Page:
This is my direct line. My largest frustration is that I cannot, no matter how hard I try, associate him with his family. We do have the DNA from this line, and it is unusual, so if any other Moore lines matches, there will be no doubt. We have already established that he does not share a common ancestor with the James Moore who died in 1772 in Amelia (related to Thomas Moore and Mary Farrar). We desperately need participants from the other major Moore families of the early Piedmont areas in Virginia to test.
If you connect with this line, please let me know!
James Moore and Mary Rice
James Moore, born 1715-1721, wife Mary Rice, first appears in Amelia County in 1745 as an overseer on the Randolph plantation. This area becomes Prince Edward County in 1754. He lived on Saylor's Creek adjacent to both Joseph and Matthew Rice, father or brother of Joseph Rice who dies in 1766. James Moore is mentioned in Joseph's will as his son-in-law.
A William Moore appears on the tax list of 1748 and purchases land on Sandy Creek abutting Mathew Rice in 1752. In 1748, a Peter Moore appears for only a year in this same area. George Moore's land abuts the land of the Randolph's, but the Randolph's are large absentee landowners, so this may not be relevant. In 1767, James Moore is listed with James Jr. as a second tithable, so James Jr. was born about 1746.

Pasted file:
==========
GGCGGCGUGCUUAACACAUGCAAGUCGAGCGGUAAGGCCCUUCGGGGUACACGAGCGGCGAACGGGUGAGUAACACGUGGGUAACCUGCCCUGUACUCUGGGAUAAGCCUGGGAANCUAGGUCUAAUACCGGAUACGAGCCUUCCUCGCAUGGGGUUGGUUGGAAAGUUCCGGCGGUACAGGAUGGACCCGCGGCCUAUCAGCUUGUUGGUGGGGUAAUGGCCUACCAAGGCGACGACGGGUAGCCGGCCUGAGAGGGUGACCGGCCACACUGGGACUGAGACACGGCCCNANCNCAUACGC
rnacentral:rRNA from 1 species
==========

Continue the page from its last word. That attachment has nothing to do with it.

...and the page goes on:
In 1756, a dangerous situation developed when a slave of William Womack after having been outlawed, took refuge in quarters of John Stanton and defended himself with broadax and darts. He had tried to kill his master and neighbors had tried to capture him alive. A group of Abraham Womack, Isham Womack, William Barry, James Moore and William Masters fought with the slave and shot him. He died of his wounds.
By 1770 James moved to Halifax County and is conducting business. James never sells all his land, nor is there a will or probate for his death.
James is on both the property and personal tax lists through 1796, but in
1797 he disappears from the personal tax list. James' sons Mackness and Rice left for Tennessee about this time, and he could conceivably have gone with them, although he would have been about 80 years old. However, his land remains on the property tax list through 1814. He did have a son and grandson James, although his son James apparently left Halifax about 1791.
James may have simply conveyed the deed by hand and the subsequent deeds weren't recorded. He was exempt from paying taxes by 1788 (so probably born in 1718).
James lived on the second fork of Birches Creek. His land began at about the corner of Oak Level and Mountain Road and extends west about a quarter mile, and south to Hummingbird Lane. Current owners found initials of JBM in an old well. James sold land to Edmond Henderson and a Henderson cemetery has been located on the southern portion of this land near Hummingbird Lane.